Written by: Rebecca H. Williams, CFP®
April 8th, 2014
To continue the previous discussion about whether or not you should leave an IRA to your child’s 3rdParty Special Needs Trust (when referencing a Special Needs Trust in this article, I will be referring to a 3rd Party Special Needs Trust), we discussed the fact that in order to keep your loved one from being disqualified from means-tested government benefits; a Special Needs Trust must be set up as an accumulation trust rather than a conduit trust (remember, when drafted properly, an accumulation trust will allow the IRA distributions to ‘accumulate’ in the trust rather than being paid out directly to the beneficiary so as not to lose valuable means-tested government benefits).
In order to receive the favorable tax treatment of the IRA stretch out provisions, the Special Needs Trust must be considered an accumulation trust and a look-through trust which means that at the time of the IRA holder’s death, the beneficiary must qualify as a ‘designated beneficiary’ (an individual able to receive distributions outright). Obviously, in the case of a beneficiary who is receiving means-tested government benefits, receiving these distributions outright would mean disqualification from said benefits.
However, designating a natural person as the Remaindermen (he who would receive any remaining assets in the trust after the death of the beneficiary with special needs), would qualify the Special Needs Trust as a look-through trust and therefore, the IRA would be able to be stretched out over the life of the eldest beneficiary.
If the IRA owner died before receiving RMDs (Required Minimum Distributions), then the IRA could be stretched out over the life expectancy of the eldest beneficiary which is a great tax advantage when you have younger beneficiaries. If the IRA owner passes away after RMDs have started, then the IRA must be paid out over the single life expectancy of the IRA holder at the time of death (but not longer than 15.3 years).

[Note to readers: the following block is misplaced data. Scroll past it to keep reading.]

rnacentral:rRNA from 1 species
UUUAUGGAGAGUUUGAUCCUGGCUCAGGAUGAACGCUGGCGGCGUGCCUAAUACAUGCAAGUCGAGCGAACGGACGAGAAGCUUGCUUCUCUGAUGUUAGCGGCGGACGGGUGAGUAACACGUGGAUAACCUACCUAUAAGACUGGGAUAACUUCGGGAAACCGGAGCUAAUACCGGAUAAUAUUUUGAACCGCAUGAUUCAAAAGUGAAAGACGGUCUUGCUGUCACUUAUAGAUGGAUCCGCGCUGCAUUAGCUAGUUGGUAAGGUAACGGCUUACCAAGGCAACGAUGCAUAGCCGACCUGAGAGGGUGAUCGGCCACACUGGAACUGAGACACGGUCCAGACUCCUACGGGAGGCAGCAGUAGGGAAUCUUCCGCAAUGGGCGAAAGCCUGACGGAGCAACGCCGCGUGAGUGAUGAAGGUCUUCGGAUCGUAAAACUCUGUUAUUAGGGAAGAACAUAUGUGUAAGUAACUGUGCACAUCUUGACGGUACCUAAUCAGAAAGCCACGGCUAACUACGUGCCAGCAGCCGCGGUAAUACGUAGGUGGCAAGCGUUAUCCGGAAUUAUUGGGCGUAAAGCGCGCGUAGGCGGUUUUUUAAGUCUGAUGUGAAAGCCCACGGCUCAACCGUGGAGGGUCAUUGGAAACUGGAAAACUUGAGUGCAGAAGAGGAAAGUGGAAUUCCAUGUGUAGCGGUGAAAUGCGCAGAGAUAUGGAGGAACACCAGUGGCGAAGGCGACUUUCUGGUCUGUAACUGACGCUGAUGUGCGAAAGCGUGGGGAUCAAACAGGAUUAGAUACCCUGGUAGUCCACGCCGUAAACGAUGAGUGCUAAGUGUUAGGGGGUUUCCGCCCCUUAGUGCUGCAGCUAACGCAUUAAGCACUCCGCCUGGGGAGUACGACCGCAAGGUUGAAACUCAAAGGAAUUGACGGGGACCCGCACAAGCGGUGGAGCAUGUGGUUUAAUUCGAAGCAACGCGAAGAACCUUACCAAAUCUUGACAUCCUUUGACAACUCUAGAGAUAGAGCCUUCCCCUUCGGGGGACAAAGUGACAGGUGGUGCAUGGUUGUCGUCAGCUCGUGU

The problem that arises is what to do when the Remaindermen is not a natural person. It is very common in Special Needs Planning for a family to desire to leave assets to a charity or organization that provided care or services to their loved one during their lifetime. However, by naming a non-natural person, such as a charity, as a Remaindermen, we have just disqualified the trust as a look-through trust and, as such, have lost the favorable tax treatment that can come from stretching an IRA out over the beneficiary’s life expectancy (in lieu of paying it out within 5 years of the IRA holder’s death).
A solution to this problem could involve the use of another type of trust called a Charitable Remainder Trust (CRT). A CRT is an irrevocable trust that receives a gift from you, the Donor, and pays a designated person, the Income Beneficiary, income generated from the asset over the life of the Income Beneficiary or over a specified period of time (no longer than 20 years). Once the beneficiary passes away, or the term specified in the trust ends, the income stream would cease and the remaining assets in the trust will go to the charity.
So how does this strategy work? The CRT would be created and would receive full distribution of the IRA upon the account holder’s death. Since the CRT is exempt from income taxation (as long as the charity is a qualified charity under IRS rules), there is no concern to stretch out the IRA because the charity does not pay income tax on the IRA.
The CRT would then pay an irrevocable income stream to the 3rd Party Special Needs Trust (the income beneficiary) which would be taxed as ordinary income. The Special Needs Trust would also name a Remaindermen which could be either a natural person a charity.
There is another strategy which could be employed to direct funds from an IRA to a Special Needs Trust in a tax efficient manner. This strategy would use both a 1st Party and a 3rd Party Special Needs Trust and I will talk about that in next week’s blog…stay tuned!
*There are very specific guidelines that must be followed when drafting a Charitable Remainder Trust and/or A Special Needs Trust thus it is strongly recommended to seek the professional guidance of professionals experienced in these planning areas.
*Nothing in this article should be taken as legal or tax advice. For advice in those areas please consult your own legal or tax professional.